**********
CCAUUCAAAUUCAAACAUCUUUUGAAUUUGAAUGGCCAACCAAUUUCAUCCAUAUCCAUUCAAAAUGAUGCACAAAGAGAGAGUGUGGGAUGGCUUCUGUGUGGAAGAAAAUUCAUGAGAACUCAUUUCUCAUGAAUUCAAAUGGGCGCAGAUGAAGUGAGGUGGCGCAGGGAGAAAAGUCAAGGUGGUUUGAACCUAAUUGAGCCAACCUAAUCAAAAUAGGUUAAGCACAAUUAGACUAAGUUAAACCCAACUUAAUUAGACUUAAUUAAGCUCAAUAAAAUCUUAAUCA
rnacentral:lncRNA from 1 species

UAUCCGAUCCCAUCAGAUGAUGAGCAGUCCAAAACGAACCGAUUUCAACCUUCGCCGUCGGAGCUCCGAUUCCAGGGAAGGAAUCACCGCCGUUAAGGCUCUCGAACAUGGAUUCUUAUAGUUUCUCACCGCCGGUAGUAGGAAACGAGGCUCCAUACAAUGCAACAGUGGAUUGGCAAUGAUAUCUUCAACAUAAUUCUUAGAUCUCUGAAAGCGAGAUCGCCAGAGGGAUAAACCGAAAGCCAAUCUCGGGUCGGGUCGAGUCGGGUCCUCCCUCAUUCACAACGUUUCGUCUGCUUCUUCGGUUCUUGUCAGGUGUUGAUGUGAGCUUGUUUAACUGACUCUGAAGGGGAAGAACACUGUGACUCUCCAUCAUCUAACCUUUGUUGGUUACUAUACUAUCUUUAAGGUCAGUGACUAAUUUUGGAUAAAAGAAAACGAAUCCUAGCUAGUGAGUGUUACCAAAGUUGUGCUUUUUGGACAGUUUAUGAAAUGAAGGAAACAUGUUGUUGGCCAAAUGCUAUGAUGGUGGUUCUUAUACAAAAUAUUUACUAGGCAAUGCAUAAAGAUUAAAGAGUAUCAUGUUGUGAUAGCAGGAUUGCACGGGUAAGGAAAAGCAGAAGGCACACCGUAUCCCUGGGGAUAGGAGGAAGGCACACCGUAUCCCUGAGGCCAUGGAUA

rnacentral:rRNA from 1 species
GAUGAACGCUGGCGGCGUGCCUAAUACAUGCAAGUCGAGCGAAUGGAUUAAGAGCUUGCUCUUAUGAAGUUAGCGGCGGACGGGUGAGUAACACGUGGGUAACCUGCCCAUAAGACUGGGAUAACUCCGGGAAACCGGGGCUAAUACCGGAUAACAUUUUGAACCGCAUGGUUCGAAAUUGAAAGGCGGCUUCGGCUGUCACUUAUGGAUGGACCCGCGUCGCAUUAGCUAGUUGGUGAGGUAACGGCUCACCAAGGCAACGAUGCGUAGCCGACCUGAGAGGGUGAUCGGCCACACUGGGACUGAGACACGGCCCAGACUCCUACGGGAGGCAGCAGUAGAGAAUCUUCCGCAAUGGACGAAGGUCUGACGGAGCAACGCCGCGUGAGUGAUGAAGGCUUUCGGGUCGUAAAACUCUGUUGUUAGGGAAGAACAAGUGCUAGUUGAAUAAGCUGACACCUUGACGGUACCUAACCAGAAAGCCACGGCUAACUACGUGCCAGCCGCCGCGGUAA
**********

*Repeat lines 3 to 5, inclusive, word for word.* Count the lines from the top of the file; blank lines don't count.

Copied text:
UAUCCGAUCCCAUCAGAUGAUGAGCAGUCCAAAACGAACCGAUUUCAACCUUCGCCGUCGGAGCUCCGAUUCCAGGGAAGGAAUCACCGCCGUUAAGGCUCUCGAACAUGGAUUCUUAUAGUUUCUCACCGCCGGUAGUAGGAAACGAGGCUCCAUACAAUGCAACAGUGGAUUGGCAAUGAUAUCUUCAACAUAAUUCUUAGAUCUCUGAAAGCGAGAUCGCCAGAGGGAUAAACCGAAAGCCAAUCUCGGGUCGGGUCGAGUCGGGUCCUCCCUCAUUCACAACGUUUCGUCUGCUUCUUCGGUUCUUGUCAGGUGUUGAUGUGAGCUUGUUUAACUGACUCUGAAGGGGAAGAACACUGUGACUCUCCAUCAUCUAACCUUUGUUGGUUACUAUACUAUCUUUAAGGUCAGUGACUAAUUUUGGAUAAAAGAAAACGAAUCCUAGCUAGUGAGUGUUACCAAAGUUGUGCUUUUUGGACAGUUUAUGAAAUGAAGGAAACAUGUUGUUGGCCAAAUGCUAUGAUGGUGGUUCUUAUACAAAAUAUUUACUAGGCAAUGCAUAAAGAUUAAAGAGUAUCAUGUUGUGAUAGCAGGAUUGCACGGGUAAGGAAAAGCAGAAGGCACACCGUAUCCCUGGGGAUAGGAGGAAGGCACACCGUAUCCCUGAGGCCAUGGAUA

rnacentral:rRNA from 1 species
GAUGAACGCUGGCGGCGUGCCUAAUACAUGCAAGUCGAGCGAAUGGAUUAAGAGCUUGCUCUUAUGAAGUUAGCGGCGGACGGGUGAGUAACACGUGGGUAACCUGCCCAUAAGACUGGGAUAACUCCGGGAAACCGGGGCUAAUACCGGAUAACAUUUUGAACCGCAUGGUUCGAAAUUGAAAGGCGGCUUCGGCUGUCACUUAUGGAUGGACCCGCGUCGCAUUAGCUAGUUGGUGAGGUAACGGCUCACCAAGGCAACGAUGCGUAGCCGACCUGAGAGGGUGAUCGGCCACACUGGGACUGAGACACGGCCCAGACUCCUACGGGAGGCAGCAGUAGAGAAUCUUCCGCAAUGGACGAAGGUCUGACGGAGCAACGCCGCGUGAGUGAUGAAGGCUUUCGGGUCGUAAAACUCUGUUGUUAGGGAAGAACAAGUGCUAGUUGAAUAAGCUGACACCUUGACGGUACCUAACCAGAAAGCCACGGCUAACUACGUGCCAGCCGCCGCGGUAA